He had two children about their age. Sometimes they came to the finca with their father to visit. His wife didn’t want anything to do with the farm, preferring to stay in the comforts of the city. The children played together sometimes when they were younger, but they had so little in common their friendship dissolved as they got older. They didn’t come to the finca so often anymore, and the oldest son was now going to college.
María was rather indifferent towards the owner. He was polite, but when he came to visit he acted as though he were on vacation and treated her family like they were servants. He didn’t seem to care how well the farm was doing, so long as it produced enough coffee to break even.
The year the crops had to be burned, her father had to talk him out of selling the land. “We can plant new trees. They will be stronger and even more productive,” he said.
Señor Fernandez shook his head and frowned, and then looked over the scorched and smoldering earth that covered the mountainside. “I don’t know. It will take at least three years before we can produce enough coffee to make it worthwhile. A smart man would cut his losses and let someone else take on the problem.”
“But the land is worth something. It’s been in your family for generations. Your children will benefit from it someday.”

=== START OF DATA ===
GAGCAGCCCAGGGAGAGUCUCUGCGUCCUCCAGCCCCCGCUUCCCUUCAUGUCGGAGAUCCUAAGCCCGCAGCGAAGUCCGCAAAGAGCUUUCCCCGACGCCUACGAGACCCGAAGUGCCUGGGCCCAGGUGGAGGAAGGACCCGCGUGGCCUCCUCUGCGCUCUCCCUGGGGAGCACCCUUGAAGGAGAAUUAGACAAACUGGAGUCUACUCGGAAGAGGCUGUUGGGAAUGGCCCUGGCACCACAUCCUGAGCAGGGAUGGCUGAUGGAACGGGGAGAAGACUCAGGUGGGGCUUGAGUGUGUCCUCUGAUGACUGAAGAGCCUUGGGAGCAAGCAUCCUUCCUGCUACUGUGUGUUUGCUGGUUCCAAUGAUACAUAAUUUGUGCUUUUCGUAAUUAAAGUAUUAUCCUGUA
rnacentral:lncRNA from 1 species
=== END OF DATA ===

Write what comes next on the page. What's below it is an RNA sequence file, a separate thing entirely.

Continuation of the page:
“I’ll think about it, Jair. In the meantime start tilling the land. All this mulch will make good fertilizer.”
“Si, Señor,” he replied.
María knew her father was fighting to save their home. If he sold the finca the chances were good they would have to leave. Although her father and brother could always find jobs as common laborers, they would have to downgrade their lifestyle significantly.
Thankfully, Señor Fernández decided not to sell. He reinvested in the land, hoping to profit from the high-end specialty coffee. He replanted with the finest Arabica trees. Her father took great pride in tending the crops and looked forward to hauling the coffee to town in the owner’s Willy after the harvest. It was the highlight of the season, and all the other cafeteros considered their beans the benchmark for good coffee.
But producing such quality required endless vigilance and countless hours of labor. It seemed her father and brother never stopped working, and it was beginning to take its toll on her father’s stature. Although strong and fit, he stooped a little and slept whenever he got the chance. Sometimes after lunch he would lie on the porch and fall asleep until her brother woke him to go back to work. He had never taken a vacation.
It was late in the afternoon by the time she and her mother finished the day’s chores. Her mother started prepping for dinner. After helping her mother clean house she asked her if she could go to El Aguila.
“Yes, María, but be home before nightfall. I don’t like you running around these roads by yourself after dark.”
“Si, Mamá. Can I get you anything while I’m there?”
“Non, gracias, mi vida. Have a good time.”
“Gracis, Mamá. I’ll see you later.”
She headed up the path to get her bicycle. It was Saturday, and tonight she and her brother would go to town and dance and drink beer with other kids their age. It was always the same faces, but it was fun nonetheless. She had a little money for a new ribbon that she wanted to get before they went out.